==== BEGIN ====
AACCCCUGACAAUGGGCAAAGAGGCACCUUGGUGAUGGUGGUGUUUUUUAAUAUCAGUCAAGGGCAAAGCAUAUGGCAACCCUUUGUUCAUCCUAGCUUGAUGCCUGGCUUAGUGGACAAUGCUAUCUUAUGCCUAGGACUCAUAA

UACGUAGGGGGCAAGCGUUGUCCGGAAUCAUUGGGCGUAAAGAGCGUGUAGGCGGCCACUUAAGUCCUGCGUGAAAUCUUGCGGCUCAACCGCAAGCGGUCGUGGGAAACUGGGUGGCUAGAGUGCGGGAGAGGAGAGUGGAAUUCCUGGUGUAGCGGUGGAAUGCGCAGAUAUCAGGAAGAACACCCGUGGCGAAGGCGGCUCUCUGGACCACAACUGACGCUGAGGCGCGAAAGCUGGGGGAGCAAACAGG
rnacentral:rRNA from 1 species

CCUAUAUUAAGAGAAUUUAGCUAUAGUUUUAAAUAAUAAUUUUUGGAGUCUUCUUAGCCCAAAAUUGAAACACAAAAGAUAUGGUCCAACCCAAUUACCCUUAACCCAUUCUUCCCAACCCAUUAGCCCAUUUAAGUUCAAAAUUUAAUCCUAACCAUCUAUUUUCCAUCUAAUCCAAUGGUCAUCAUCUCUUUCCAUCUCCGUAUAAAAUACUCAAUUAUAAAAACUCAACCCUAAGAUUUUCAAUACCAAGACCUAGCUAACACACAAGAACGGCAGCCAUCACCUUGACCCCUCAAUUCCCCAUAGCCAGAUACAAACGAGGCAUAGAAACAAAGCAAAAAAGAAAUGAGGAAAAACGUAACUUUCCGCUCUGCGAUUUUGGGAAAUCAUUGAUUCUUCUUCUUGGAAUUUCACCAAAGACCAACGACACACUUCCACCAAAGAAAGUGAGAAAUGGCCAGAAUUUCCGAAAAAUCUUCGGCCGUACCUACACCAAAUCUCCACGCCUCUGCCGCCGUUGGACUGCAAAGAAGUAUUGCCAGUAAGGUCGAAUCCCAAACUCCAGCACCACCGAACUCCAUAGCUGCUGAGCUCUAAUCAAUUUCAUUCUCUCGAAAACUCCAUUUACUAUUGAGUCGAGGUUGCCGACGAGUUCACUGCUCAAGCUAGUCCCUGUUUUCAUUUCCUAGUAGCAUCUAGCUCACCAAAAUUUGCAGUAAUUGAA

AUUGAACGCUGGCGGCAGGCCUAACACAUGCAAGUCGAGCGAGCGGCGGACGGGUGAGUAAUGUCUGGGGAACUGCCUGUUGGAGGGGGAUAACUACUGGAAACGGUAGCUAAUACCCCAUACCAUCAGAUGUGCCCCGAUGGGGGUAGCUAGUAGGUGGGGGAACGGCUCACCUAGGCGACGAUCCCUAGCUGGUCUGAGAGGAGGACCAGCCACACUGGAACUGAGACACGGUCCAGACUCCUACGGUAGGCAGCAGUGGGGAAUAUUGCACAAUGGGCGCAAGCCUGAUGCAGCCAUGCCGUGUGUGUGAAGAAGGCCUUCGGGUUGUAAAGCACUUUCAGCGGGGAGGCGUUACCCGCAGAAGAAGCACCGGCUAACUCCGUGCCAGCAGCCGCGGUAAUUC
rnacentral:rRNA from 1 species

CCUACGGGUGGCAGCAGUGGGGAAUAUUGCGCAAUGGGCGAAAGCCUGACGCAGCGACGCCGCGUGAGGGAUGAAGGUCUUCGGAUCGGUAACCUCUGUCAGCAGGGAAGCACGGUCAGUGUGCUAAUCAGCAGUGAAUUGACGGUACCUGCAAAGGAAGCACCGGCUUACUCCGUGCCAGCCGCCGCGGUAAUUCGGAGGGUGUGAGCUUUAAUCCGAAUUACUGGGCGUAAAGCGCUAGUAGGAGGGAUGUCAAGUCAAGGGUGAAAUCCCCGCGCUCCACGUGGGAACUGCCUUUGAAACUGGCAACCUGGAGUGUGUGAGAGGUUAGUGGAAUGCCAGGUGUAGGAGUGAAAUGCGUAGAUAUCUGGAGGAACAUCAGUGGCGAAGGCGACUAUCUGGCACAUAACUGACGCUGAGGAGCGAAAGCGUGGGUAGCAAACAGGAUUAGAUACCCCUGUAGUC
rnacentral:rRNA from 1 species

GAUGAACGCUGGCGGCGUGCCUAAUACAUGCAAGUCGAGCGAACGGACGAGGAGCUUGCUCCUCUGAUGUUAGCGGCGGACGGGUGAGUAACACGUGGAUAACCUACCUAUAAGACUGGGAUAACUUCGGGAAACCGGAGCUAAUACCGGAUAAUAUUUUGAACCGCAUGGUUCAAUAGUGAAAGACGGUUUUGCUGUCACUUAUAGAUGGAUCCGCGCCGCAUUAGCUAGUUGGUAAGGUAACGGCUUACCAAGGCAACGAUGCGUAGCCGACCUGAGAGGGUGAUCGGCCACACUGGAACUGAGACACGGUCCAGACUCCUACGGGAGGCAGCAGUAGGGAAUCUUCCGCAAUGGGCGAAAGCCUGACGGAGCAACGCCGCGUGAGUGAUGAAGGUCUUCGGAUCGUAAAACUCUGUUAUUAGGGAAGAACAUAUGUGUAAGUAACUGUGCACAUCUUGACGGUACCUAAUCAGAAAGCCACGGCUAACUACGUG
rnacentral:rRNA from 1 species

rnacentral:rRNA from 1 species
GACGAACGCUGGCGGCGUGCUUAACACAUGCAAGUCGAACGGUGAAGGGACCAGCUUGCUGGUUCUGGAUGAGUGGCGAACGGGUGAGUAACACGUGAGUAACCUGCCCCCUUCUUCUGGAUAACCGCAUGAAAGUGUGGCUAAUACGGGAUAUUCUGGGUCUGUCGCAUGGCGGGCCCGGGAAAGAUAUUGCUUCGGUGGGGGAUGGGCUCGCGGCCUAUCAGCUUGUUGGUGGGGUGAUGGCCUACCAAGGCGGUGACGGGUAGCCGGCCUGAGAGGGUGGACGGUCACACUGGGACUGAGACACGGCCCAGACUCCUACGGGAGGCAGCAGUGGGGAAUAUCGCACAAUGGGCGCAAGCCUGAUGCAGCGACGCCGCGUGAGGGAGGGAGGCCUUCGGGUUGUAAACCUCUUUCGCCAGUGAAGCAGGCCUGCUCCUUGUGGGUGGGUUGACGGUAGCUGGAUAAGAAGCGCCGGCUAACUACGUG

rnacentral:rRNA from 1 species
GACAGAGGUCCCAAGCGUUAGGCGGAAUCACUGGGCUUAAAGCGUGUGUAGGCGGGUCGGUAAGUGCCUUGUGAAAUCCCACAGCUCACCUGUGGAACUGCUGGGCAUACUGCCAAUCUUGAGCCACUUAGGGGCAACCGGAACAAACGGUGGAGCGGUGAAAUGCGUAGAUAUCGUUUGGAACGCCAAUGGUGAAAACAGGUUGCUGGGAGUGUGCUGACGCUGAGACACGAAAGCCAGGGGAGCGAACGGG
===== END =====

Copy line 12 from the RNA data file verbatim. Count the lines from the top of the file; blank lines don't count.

GACGAACGCUGGCGGCGUGCUUAACACAUGCAAGUCGAACGGUGAAGGGACCAGCUUGCUGGUUCUGGAUGAGUGGCGAACGGGUGAGUAACACGUGAGUAACCUGCCCCCUUCUUCUGGAUAACCGCAUGAAAGUGUGGCUAAUACGGGAUAUUCUGGGUCUGUCGCAUGGCGGGCCCGGGAAAGAUAUUGCUUCGGUGGGGGAUGGGCUCGCGGCCUAUCAGCUUGUUGGUGGGGUGAUGGCCUACCAAGGCGGUGACGGGUAGCCGGCCUGAGAGGGUGGACGGUCACACUGGGACUGAGACACGGCCCAGACUCCUACGGGAGGCAGCAGUGGGGAAUAUCGCACAAUGGGCGCAAGCCUGAUGCAGCGACGCCGCGUGAGGGAGGGAGGCCUUCGGGUUGUAAACCUCUUUCGCCAGUGAAGCAGGCCUGCUCCUUGUGGGUGGGUUGACGGUAGCUGGAUAAGAAGCGCCGGCUAACUACGUG